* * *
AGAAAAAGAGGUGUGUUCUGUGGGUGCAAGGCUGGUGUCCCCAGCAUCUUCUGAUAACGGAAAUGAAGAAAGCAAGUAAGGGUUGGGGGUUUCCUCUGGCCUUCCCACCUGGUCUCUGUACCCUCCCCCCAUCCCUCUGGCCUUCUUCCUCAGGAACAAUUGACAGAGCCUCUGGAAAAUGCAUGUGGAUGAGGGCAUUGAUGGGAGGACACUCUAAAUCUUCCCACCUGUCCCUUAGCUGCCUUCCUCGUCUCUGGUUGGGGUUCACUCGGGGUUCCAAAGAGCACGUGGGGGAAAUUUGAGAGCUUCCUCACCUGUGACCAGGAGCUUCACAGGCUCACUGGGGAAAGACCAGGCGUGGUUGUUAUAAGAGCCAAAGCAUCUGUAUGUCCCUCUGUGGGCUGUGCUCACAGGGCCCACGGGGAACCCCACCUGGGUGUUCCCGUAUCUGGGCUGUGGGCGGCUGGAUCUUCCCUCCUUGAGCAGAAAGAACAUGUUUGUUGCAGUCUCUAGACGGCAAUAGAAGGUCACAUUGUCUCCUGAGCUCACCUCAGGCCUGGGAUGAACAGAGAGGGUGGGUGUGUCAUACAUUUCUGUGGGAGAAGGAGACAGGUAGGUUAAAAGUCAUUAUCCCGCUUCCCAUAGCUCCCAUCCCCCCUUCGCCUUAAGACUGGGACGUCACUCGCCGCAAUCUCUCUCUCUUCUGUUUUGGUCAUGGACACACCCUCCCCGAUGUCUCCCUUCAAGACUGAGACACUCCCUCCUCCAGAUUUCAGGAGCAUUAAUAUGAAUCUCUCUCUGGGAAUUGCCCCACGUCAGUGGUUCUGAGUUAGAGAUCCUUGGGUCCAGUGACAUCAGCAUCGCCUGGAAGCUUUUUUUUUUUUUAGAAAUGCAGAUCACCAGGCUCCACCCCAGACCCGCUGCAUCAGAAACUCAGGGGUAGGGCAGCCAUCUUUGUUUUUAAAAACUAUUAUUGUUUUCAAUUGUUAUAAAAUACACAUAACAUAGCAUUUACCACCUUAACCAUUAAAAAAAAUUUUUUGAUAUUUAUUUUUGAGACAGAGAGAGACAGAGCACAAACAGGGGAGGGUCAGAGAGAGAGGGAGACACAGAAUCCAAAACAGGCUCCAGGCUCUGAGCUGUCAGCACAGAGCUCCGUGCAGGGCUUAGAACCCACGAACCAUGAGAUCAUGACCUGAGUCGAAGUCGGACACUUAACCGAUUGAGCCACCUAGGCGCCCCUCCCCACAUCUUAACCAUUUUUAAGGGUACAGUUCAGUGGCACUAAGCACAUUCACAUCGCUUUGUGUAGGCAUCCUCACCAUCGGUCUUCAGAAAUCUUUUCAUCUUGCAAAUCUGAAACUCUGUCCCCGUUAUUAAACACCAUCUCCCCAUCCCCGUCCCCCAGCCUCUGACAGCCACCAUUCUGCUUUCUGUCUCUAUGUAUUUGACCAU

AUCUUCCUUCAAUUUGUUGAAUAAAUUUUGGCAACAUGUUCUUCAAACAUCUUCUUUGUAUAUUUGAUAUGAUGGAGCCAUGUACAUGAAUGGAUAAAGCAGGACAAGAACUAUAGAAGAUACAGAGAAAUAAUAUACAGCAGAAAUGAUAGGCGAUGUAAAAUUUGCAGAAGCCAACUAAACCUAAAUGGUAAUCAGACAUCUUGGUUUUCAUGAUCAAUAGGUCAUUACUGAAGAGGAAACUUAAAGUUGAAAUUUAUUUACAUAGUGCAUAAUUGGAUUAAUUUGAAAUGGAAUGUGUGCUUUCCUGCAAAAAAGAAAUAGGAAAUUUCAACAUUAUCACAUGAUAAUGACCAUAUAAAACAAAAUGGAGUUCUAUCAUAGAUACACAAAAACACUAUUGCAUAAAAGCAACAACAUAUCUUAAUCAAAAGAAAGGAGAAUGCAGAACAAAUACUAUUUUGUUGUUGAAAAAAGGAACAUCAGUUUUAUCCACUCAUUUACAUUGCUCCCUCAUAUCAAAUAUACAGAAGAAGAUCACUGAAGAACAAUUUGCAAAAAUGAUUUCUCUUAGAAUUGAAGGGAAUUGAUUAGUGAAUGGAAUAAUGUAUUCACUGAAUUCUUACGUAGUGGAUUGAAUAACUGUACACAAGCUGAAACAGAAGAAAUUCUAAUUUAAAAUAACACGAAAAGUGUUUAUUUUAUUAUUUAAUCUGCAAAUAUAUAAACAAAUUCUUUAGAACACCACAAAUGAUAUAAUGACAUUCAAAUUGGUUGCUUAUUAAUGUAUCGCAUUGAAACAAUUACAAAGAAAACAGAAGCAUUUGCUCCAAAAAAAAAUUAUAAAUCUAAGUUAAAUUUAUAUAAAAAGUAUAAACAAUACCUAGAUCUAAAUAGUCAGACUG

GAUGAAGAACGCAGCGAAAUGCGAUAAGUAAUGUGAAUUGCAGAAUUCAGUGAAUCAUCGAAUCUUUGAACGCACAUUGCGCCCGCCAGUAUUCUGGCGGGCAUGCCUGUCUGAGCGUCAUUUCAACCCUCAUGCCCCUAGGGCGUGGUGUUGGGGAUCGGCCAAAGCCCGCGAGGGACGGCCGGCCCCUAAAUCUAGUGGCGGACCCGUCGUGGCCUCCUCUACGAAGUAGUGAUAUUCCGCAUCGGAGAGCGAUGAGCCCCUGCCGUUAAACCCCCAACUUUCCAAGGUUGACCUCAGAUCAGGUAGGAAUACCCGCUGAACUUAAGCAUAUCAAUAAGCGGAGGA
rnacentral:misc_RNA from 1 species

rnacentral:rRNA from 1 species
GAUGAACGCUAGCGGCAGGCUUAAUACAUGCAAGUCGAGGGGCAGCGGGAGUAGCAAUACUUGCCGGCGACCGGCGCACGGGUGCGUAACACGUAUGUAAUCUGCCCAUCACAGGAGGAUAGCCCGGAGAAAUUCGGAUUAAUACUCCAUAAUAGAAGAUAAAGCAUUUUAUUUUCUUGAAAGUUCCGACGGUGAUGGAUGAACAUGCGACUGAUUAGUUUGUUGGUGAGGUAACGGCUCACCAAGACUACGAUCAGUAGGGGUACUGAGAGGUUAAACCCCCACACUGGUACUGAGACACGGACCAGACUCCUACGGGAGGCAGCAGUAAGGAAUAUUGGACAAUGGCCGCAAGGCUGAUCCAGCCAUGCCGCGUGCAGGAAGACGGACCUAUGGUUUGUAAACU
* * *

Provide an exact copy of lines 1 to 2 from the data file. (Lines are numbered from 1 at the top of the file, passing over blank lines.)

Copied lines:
AGAAAAAGAGGUGUGUUCUGUGGGUGCAAGGCUGGUGUCCCCAGCAUCUUCUGAUAACGGAAAUGAAGAAAGCAAGUAAGGGUUGGGGGUUUCCUCUGGCCUUCCCACCUGGUCUCUGUACCCUCCCCCCAUCCCUCUGGCCUUCUUCCUCAGGAACAAUUGACAGAGCCUCUGGAAAAUGCAUGUGGAUGAGGGCAUUGAUGGGAGGACACUCUAAAUCUUCCCACCUGUCCCUUAGCUGCCUUCCUCGUCUCUGGUUGGGGUUCACUCGGGGUUCCAAAGAGCACGUGGGGGAAAUUUGAGAGCUUCCUCACCUGUGACCAGGAGCUUCACAGGCUCACUGGGGAAAGACCAGGCGUGGUUGUUAUAAGAGCCAAAGCAUCUGUAUGUCCCUCUGUGGGCUGUGCUCACAGGGCCCACGGGGAACCCCACCUGGGUGUUCCCGUAUCUGGGCUGUGGGCGGCUGGAUCUUCCCUCCUUGAGCAGAAAGAACAUGUUUGUUGCAGUCUCUAGACGGCAAUAGAAGGUCACAUUGUCUCCUGAGCUCACCUCAGGCCUGGGAUGAACAGAGAGGGUGGGUGUGUCAUACAUUUCUGUGGGAGAAGGAGACAGGUAGGUUAAAAGUCAUUAUCCCGCUUCCCAUAGCUCCCAUCCCCCCUUCGCCUUAAGACUGGGACGUCACUCGCCGCAAUCUCUCUCUCUUCUGUUUUGGUCAUGGACACACCCUCCCCGAUGUCUCCCUUCAAGACUGAGACACUCCCUCCUCCAGAUUUCAGGAGCAUUAAUAUGAAUCUCUCUCUGGGAAUUGCCCCACGUCAGUGGUUCUGAGUUAGAGAUCCUUGGGUCCAGUGACAUCAGCAUCGCCUGGAAGCUUUUUUUUUUUUUAGAAAUGCAGAUCACCAGGCUCCACCCCAGACCCGCUGCAUCAGAAACUCAGGGGUAGGGCAGCCAUCUUUGUUUUUAAAAACUAUUAUUGUUUUCAAUUGUUAUAAAAUACACAUAACAUAGCAUUUACCACCUUAACCAUUAAAAAAAAUUUUUUGAUAUUUAUUUUUGAGACAGAGAGAGACAGAGCACAAACAGGGGAGGGUCAGAGAGAGAGGGAGACACAGAAUCCAAAACAGGCUCCAGGCUCUGAGCUGUCAGCACAGAGCUCCGUGCAGGGCUUAGAACCCACGAACCAUGAGAUCAUGACCUGAGUCGAAGUCGGACACUUAACCGAUUGAGCCACCUAGGCGCCCCUCCCCACAUCUUAACCAUUUUUAAGGGUACAGUUCAGUGGCACUAAGCACAUUCACAUCGCUUUGUGUAGGCAUCCUCACCAUCGGUCUUCAGAAAUCUUUUCAUCUUGCAAAUCUGAAACUCUGUCCCCGUUAUUAAACACCAUCUCCCCAUCCCCGUCCCCCAGCCUCUGACAGCCACCAUUCUGCUUUCUGUCUCUAUGUAUUUGACCAU

AUCUUCCUUCAAUUUGUUGAAUAAAUUUUGGCAACAUGUUCUUCAAACAUCUUCUUUGUAUAUUUGAUAUGAUGGAGCCAUGUACAUGAAUGGAUAAAGCAGGACAAGAACUAUAGAAGAUACAGAGAAAUAAUAUACAGCAGAAAUGAUAGGCGAUGUAAAAUUUGCAGAAGCCAACUAAACCUAAAUGGUAAUCAGACAUCUUGGUUUUCAUGAUCAAUAGGUCAUUACUGAAGAGGAAACUUAAAGUUGAAAUUUAUUUACAUAGUGCAUAAUUGGAUUAAUUUGAAAUGGAAUGUGUGCUUUCCUGCAAAAAAGAAAUAGGAAAUUUCAACAUUAUCACAUGAUAAUGACCAUAUAAAACAAAAUGGAGUUCUAUCAUAGAUACACAAAAACACUAUUGCAUAAAAGCAACAACAUAUCUUAAUCAAAAGAAAGGAGAAUGCAGAACAAAUACUAUUUUGUUGUUGAAAAAAGGAACAUCAGUUUUAUCCACUCAUUUACAUUGCUCCCUCAUAUCAAAUAUACAGAAGAAGAUCACUGAAGAACAAUUUGCAAAAAUGAUUUCUCUUAGAAUUGAAGGGAAUUGAUUAGUGAAUGGAAUAAUGUAUUCACUGAAUUCUUACGUAGUGGAUUGAAUAACUGUACACAAGCUGAAACAGAAGAAAUUCUAAUUUAAAAUAACACGAAAAGUGUUUAUUUUAUUAUUUAAUCUGCAAAUAUAUAAACAAAUUCUUUAGAACACCACAAAUGAUAUAAUGACAUUCAAAUUGGUUGCUUAUUAAUGUAUCGCAUUGAAACAAUUACAAAGAAAACAGAAGCAUUUGCUCCAAAAAAAAAUUAUAAAUCUAAGUUAAAUUUAUAUAAAAAGUAUAAACAAUACCUAGAUCUAAAUAGUCAGACUG